FIGS. 5(a)-(c) shows the results of an EOC experiment utilizing cobalt 1,10-bis-(2-pyridyl)-2,5,9-triazadecane as the carrier and the methylated ammonium bromide salt of dimethylaminomethylferrocene as the electrocatalyst.
According to the present invention, molecular oxygen is obtained by electrochemical oxidation/reduction of a transition metal carrier compound used to extract oxygen from the environment. In a first oxidation state, the carrier compound binds oxygen while in a second oxidation state, the carrier compound releases oxygen. The invention lies in the use of certain electrochemical catalysts to promote the transfer of electrons between the electrodes of an electrochemical cell and the carrier compounds. Such promotion, in turn, reduces the energy required to drive the necessary redox reactions.
Apparatuses of the type generally employed in the present invention are described in U.S. Pat. Nos. 4,609,383 and 4,629,544, the disclosures of which are incorporated herein by reference. The apparatuses include an electrochemical cell having a pair of electrodes in a container defining a flow path from a first electrode to a second electrode. The electrodes are connected to a voltage or a current source in order to define an anode for oxidizing the transition metal carrier and a cathode for reducing the carrier. The flow path is in series with a loading station, and a carrier fluid is continuously circulated between the electrochemical cell and the loading station. The carrier fluid includes the transition metal carrier compound which is capable of reversibly binding oxygen and transporting the bound oxygen from the loading station to the electrochemical cell. At the first electrode of the electrochemical cell, the carrier compound is changed from a first oxidation state (in which the compound binds oxygen) to a second oxidation state (in which the compound does not bind oxygen). As a result of the changed oxidation state, bound oxygen is released from the carrier compound and collected, as described in more detail in the cited patents. The carrier fluid then passes to the second electrode, where the oxidation state of the carrier compound is reversed so that it is again capable of binding oxygen. For most of the carrier compounds described hereinafter, oxygen binding occurs in the lower valence (reduced) state, while oxygen release occurs in the higher valence (oxidized) state. Thus, the first electrode of the electrochemical cell will usually act as an anode and the second electrode will usually act as a cathode.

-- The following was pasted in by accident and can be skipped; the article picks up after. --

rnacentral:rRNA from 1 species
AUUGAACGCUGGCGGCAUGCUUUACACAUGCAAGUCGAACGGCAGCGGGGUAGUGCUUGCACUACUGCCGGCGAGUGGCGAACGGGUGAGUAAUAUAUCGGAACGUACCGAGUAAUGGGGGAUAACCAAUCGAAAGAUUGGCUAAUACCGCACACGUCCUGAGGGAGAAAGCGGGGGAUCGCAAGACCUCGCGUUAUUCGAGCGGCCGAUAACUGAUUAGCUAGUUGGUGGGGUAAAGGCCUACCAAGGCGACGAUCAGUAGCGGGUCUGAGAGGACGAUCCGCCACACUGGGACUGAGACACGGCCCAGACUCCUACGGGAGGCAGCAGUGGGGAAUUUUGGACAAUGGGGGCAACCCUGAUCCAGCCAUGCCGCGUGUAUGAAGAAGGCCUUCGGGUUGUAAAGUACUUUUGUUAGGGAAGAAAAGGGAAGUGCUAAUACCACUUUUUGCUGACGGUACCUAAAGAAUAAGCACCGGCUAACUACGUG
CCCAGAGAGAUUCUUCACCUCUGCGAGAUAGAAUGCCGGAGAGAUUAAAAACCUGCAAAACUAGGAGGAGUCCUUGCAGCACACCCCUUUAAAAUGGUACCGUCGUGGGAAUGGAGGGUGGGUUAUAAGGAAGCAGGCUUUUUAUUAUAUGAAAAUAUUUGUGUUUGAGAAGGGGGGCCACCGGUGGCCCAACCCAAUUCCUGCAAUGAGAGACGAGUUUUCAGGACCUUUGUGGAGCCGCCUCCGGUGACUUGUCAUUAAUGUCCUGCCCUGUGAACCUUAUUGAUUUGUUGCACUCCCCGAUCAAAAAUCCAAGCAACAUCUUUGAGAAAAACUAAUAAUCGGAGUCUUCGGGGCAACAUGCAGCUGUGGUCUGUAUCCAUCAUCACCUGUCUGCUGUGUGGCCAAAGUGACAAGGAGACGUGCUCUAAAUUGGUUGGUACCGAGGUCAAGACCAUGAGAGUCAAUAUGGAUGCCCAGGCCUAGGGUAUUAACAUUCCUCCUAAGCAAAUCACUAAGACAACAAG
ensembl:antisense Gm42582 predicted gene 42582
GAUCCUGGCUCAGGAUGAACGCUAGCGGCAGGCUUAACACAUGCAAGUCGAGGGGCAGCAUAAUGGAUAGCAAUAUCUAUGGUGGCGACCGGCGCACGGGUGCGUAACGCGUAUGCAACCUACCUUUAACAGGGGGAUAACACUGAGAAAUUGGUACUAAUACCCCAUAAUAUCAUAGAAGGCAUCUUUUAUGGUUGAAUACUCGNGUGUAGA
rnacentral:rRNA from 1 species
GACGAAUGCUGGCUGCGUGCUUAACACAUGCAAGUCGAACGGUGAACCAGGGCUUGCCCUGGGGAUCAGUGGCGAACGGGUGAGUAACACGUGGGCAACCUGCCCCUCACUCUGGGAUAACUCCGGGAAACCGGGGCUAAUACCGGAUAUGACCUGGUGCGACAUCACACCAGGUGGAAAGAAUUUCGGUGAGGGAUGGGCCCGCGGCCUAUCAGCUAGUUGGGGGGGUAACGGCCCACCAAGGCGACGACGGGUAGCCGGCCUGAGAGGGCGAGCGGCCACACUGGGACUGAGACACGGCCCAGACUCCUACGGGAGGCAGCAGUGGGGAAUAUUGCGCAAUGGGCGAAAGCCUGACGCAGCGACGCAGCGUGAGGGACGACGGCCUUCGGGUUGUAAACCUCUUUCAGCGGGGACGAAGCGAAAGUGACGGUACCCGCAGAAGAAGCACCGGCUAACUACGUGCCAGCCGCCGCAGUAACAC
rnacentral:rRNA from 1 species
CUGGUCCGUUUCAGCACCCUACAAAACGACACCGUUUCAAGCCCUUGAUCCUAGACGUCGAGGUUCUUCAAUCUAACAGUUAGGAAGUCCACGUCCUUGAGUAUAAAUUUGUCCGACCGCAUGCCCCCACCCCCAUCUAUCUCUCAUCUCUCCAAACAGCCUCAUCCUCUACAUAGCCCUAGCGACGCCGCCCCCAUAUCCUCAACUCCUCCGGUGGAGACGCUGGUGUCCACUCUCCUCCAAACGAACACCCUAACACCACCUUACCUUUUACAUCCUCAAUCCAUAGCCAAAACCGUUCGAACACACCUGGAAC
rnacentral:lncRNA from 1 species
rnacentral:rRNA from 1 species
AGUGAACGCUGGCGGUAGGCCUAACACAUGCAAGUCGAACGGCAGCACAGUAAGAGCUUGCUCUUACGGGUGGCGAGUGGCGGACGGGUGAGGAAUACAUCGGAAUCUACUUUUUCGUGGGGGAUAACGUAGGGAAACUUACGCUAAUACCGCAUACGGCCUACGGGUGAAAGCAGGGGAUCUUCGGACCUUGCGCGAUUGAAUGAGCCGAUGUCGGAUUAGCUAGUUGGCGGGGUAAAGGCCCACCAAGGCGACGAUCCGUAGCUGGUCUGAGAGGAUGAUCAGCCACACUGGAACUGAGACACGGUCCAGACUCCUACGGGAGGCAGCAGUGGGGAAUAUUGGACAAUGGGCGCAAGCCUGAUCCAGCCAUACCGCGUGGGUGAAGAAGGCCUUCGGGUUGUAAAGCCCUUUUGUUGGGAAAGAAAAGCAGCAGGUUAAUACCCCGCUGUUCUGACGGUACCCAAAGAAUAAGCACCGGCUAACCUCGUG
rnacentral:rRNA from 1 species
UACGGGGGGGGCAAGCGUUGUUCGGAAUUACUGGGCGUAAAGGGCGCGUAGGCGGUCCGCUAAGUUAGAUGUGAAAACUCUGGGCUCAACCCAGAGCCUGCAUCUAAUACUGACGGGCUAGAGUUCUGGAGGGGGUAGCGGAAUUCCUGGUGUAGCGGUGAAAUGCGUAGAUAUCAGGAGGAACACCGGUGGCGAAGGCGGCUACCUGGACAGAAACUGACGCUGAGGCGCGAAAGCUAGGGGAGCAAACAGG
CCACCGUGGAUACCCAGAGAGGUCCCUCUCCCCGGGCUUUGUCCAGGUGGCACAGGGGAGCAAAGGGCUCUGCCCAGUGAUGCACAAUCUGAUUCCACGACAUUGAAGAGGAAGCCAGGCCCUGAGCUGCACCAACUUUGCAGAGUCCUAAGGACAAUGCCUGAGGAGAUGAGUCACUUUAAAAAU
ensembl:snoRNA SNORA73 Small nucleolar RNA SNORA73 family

The loading station must be able to expose the carrier fluid to a fluid mixture feedstock including the oxygen without allowing mixing of the two fluids. Conveniently, oxygen-permeable membranes are employed which allow oxygen to diffuse from the fluid mixture feedstock to the carrier fluid without allowing mixing. The use of oxygen-permeable membranes is particularly effective with liquid feedstocks containing dissolved oxygen, such as sea water. Silicone rubber is suitable as the membrane in such applications. In the case of gaseous mixtures, such as air, it will sometimes be possible to expose the gas mixture directly to the carrier fluid, e.g., by bubbling. The carrier compound can then be relied on to selectively extract the oxygen in preference to the other gaseous species. If suitably selective carrier compounds are not available, it will be necessary to employ selective barriers.
The apparatus of the present invention is generally completed with a collector near the first electrode which is intended to receive the gas released from the carrier fluid. Also, a pump will normally be provided for circulating the carrier fluid between the electrochemical cell and loading station. Suitable pumps and collectors are described in the aforementioned U.S. Patents.
Referring to FIG. 1, it is frequently desirable to employ a bipolar stack 50 of electrodes as the electrochemical cell of the present invention. The bipolar stack 50 includes a pair of conductor plates 52 and 54 located within a cell enclosure 56. A plurality of anodes 58 and cathodes 60 are positioned alternately between the conductive plates 50. Adjacent anode/cathode pairs 58/60 are separated by ion-permeable membranes 62, and individual anodes and cathodes may be separated by membranes 64, or may be a unitary structure having one side which functions as an anode and the other side which functions as a cathode. A voltage (or current) source 66 is connected across the conductor plates 50, and a voltage drop is induced across adjacent anode/cathode pairs 58/60. Usually, the voltage drops will be substantially equal and chosen to provide sufficient current density to evolve the desired volume of oxygen at each anode 58. With the bipolar stack 50, the total operating voltage will be greater than that for cells including a single set of one anode and one cathode. The increase will be proportional to the number of anode/cathode pairs. The current flow, however, will remain essentially the same and the overall power consumption per unit of oxygen will be the same or reduced. The advantage to using a bipolar stack is primarily that increased electrode surface areas can be obtained in a single operating unit.